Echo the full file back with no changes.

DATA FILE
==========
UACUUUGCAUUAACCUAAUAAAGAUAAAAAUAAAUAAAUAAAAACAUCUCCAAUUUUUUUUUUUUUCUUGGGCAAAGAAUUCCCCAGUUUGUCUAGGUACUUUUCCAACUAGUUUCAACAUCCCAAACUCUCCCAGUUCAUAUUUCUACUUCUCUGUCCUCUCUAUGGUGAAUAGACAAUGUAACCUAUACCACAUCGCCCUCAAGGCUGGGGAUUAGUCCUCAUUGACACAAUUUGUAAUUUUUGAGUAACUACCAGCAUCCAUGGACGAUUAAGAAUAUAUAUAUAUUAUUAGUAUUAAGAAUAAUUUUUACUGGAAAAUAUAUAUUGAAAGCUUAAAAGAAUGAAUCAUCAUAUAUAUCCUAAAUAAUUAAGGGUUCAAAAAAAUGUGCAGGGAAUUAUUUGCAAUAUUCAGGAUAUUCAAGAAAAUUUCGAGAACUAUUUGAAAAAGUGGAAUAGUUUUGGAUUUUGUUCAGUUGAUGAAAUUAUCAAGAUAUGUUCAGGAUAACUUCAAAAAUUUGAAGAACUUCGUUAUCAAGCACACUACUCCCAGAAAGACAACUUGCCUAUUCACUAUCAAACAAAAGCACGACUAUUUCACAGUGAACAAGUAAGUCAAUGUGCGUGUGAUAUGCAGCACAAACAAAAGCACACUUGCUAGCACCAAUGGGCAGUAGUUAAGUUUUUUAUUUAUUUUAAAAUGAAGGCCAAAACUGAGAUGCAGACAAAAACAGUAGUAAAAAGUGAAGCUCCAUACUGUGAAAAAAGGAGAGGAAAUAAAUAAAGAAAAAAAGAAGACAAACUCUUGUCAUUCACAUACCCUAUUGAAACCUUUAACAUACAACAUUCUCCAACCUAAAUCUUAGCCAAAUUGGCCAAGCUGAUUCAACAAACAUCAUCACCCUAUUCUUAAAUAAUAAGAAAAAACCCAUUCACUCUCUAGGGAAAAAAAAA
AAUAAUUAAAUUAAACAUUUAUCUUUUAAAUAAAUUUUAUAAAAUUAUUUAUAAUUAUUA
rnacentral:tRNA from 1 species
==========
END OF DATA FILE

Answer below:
UACUUUGCAUUAACCUAAUAAAGAUAAAAAUAAAUAAAUAAAAACAUCUCCAAUUUUUUUUUUUUUCUUGGGCAAAGAAUUCCCCAGUUUGUCUAGGUACUUUUCCAACUAGUUUCAACAUCCCAAACUCUCCCAGUUCAUAUUUCUACUUCUCUGUCCUCUCUAUGGUGAAUAGACAAUGUAACCUAUACCACAUCGCCCUCAAGGCUGGGGAUUAGUCCUCAUUGACACAAUUUGUAAUUUUUGAGUAACUACCAGCAUCCAUGGACGAUUAAGAAUAUAUAUAUAUUAUUAGUAUUAAGAAUAAUUUUUACUGGAAAAUAUAUAUUGAAAGCUUAAAAGAAUGAAUCAUCAUAUAUAUCCUAAAUAAUUAAGGGUUCAAAAAAAUGUGCAGGGAAUUAUUUGCAAUAUUCAGGAUAUUCAAGAAAAUUUCGAGAACUAUUUGAAAAAGUGGAAUAGUUUUGGAUUUUGUUCAGUUGAUGAAAUUAUCAAGAUAUGUUCAGGAUAACUUCAAAAAUUUGAAGAACUUCGUUAUCAAGCACACUACUCCCAGAAAGACAACUUGCCUAUUCACUAUCAAACAAAAGCACGACUAUUUCACAGUGAACAAGUAAGUCAAUGUGCGUGUGAUAUGCAGCACAAACAAAAGCACACUUGCUAGCACCAAUGGGCAGUAGUUAAGUUUUUUAUUUAUUUUAAAAUGAAGGCCAAAACUGAGAUGCAGACAAAAACAGUAGUAAAAAGUGAAGCUCCAUACUGUGAAAAAAGGAGAGGAAAUAAAUAAAGAAAAAAAGAAGACAAACUCUUGUCAUUCACAUACCCUAUUGAAACCUUUAACAUACAACAUUCUCCAACCUAAAUCUUAGCCAAAUUGGCCAAGCUGAUUCAACAAACAUCAUCACCCUAUUCUUAAAUAAUAAGAAAAAACCCAUUCACUCUCUAGGGAAAAAAAAA
AAUAAUUAAAUUAAACAUUUAUCUUUUAAAUAAAUUUUAUAAAAUUAUUUAUAAUUAUUA
rnacentral:tRNA from 1 species